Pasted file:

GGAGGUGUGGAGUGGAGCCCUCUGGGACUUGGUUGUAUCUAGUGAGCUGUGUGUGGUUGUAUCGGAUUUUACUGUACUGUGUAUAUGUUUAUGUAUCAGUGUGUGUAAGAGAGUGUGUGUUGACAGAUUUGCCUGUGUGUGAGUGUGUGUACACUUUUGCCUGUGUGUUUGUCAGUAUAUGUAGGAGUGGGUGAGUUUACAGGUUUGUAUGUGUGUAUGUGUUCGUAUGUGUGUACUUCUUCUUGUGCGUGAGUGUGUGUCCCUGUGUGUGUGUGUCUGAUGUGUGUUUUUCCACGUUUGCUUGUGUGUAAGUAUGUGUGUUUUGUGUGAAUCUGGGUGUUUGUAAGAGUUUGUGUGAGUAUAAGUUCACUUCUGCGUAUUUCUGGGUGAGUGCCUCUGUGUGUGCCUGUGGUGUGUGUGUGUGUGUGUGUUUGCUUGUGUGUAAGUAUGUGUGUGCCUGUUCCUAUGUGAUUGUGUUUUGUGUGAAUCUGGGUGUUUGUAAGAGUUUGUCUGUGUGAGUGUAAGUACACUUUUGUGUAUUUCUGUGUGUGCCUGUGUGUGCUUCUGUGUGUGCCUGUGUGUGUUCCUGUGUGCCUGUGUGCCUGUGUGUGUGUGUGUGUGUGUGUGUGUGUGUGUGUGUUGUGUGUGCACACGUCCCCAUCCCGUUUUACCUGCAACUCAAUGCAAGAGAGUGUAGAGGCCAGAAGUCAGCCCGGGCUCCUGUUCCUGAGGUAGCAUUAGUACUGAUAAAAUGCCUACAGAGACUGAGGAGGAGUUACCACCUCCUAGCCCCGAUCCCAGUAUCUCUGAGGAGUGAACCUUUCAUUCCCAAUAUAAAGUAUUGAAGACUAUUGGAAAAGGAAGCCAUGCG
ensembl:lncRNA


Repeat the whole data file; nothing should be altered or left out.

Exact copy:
GGAGGUGUGGAGUGGAGCCCUCUGGGACUUGGUUGUAUCUAGUGAGCUGUGUGUGGUUGUAUCGGAUUUUACUGUACUGUGUAUAUGUUUAUGUAUCAGUGUGUGUAAGAGAGUGUGUGUUGACAGAUUUGCCUGUGUGUGAGUGUGUGUACACUUUUGCCUGUGUGUUUGUCAGUAUAUGUAGGAGUGGGUGAGUUUACAGGUUUGUAUGUGUGUAUGUGUUCGUAUGUGUGUACUUCUUCUUGUGCGUGAGUGUGUGUCCCUGUGUGUGUGUGUCUGAUGUGUGUUUUUCCACGUUUGCUUGUGUGUAAGUAUGUGUGUUUUGUGUGAAUCUGGGUGUUUGUAAGAGUUUGUGUGAGUAUAAGUUCACUUCUGCGUAUUUCUGGGUGAGUGCCUCUGUGUGUGCCUGUGGUGUGUGUGUGUGUGUGUGUUUGCUUGUGUGUAAGUAUGUGUGUGCCUGUUCCUAUGUGAUUGUGUUUUGUGUGAAUCUGGGUGUUUGUAAGAGUUUGUCUGUGUGAGUGUAAGUACACUUUUGUGUAUUUCUGUGUGUGCCUGUGUGUGCUUCUGUGUGUGCCUGUGUGUGUUCCUGUGUGCCUGUGUGCCUGUGUGUGUGUGUGUGUGUGUGUGUGUGUGUGUGUGUUGUGUGUGCACACGUCCCCAUCCCGUUUUACCUGCAACUCAAUGCAAGAGAGUGUAGAGGCCAGAAGUCAGCCCGGGCUCCUGUUCCUGAGGUAGCAUUAGUACUGAUAAAAUGCCUACAGAGACUGAGGAGGAGUUACCACCUCCUAGCCCCGAUCCCAGUAUCUCUGAGGAGUGAACCUUUCAUUCCCAAUAUAAAGUAUUGAAGACUAUUGGAAAAGGAAGCCAUGCG
ensembl:lncRNA